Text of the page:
Silent and True, Or, A Little Queen: A Novel

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G.W. Carleton, 1877 - 460 pages
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Page 144 - I had died for this last year, to know You loved me. Who shall turn on fate ? I care not if love come or go Now, though your love seek mine for mate, It is too late.
Page 306 - You thought, miss! I don't know any business you have to think at all — thought does not become a young woman. But the point we would request of you is, that you will promise to forget this fellow — to illiterate him, I say, quite from your memory.
Page 306 - But I say it is, miss; there is nothing on earth so easy as to forget, if a person chooses to set about it. I'm sure I have as much forgot...
Page 307 - What business have you, miss, with preference and aversion? They don't become a young woman; and you ought to know, that as both always wear off, 'tis safest in matrimony to begin with a little aversion. I am sure I hated your poor dear uncle before marriage as if he'd been a blackamoor — and yet, miss, you are sensible what a wife I made! — and when it pleased Heaven to release me from him, 'tis unknown what tears I shed!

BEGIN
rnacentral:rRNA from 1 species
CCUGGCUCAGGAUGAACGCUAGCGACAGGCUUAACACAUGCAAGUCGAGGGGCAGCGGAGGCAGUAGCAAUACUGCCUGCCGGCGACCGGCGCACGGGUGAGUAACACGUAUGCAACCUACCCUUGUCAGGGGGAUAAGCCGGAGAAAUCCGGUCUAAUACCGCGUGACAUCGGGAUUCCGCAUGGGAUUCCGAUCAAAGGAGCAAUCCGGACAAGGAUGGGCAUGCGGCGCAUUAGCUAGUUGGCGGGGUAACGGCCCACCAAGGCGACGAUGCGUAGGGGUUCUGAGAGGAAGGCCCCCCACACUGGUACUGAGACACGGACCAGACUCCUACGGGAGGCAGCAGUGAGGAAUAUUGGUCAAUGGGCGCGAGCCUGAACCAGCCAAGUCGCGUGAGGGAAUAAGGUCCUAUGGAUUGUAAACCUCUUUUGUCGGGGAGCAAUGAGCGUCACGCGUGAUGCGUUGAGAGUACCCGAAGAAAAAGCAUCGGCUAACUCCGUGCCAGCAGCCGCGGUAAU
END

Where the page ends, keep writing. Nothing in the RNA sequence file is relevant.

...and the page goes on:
Page 312 - I shall pray for your happiness with the truest sincerity ; and the dearest blessing I can ask of Heaven to send you will be to charm you from that unhappy temper, which alone has prevented the performance of our solemn engagement. All I request of you is, that you will yourself reflect upon this infirmity, and when you number up the many true delights it has deprived you of, let it not be your least regret, that it lost you the love of one who would have followed you in beggary through the world...
Page 299 - O'Trigger line, that would furnish the new room ; every one of whom had killed his man ! — For though the mansion-house and dirty acres have slipped through my fingers, I thank heaven our honour and the family-pictures are as fresh as ever.

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